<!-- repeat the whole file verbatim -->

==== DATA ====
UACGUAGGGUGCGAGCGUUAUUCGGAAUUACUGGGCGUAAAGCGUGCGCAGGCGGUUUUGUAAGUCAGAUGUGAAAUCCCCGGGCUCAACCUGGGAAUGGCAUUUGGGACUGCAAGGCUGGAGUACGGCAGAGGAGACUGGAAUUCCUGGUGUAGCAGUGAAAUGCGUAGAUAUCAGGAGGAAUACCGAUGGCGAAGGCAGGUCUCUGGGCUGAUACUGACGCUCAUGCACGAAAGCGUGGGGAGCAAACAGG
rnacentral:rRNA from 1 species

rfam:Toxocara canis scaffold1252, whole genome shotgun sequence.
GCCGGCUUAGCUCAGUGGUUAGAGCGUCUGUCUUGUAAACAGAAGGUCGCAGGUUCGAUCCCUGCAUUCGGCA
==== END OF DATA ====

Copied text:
UACGUAGGGUGCGAGCGUUAUUCGGAAUUACUGGGCGUAAAGCGUGCGCAGGCGGUUUUGUAAGUCAGAUGUGAAAUCCCCGGGCUCAACCUGGGAAUGGCAUUUGGGACUGCAAGGCUGGAGUACGGCAGAGGAGACUGGAAUUCCUGGUGUAGCAGUGAAAUGCGUAGAUAUCAGGAGGAAUACCGAUGGCGAAGGCAGGUCUCUGGGCUGAUACUGACGCUCAUGCACGAAAGCGUGGGGAGCAAACAGG
rnacentral:rRNA from 1 species

rfam:Toxocara canis scaffold1252, whole genome shotgun sequence.
GCCGGCUUAGCUCAGUGGUUAGAGCGUCUGUCUUGUAAACAGAAGGUCGCAGGUUCGAUCCCUGCAUUCGGCA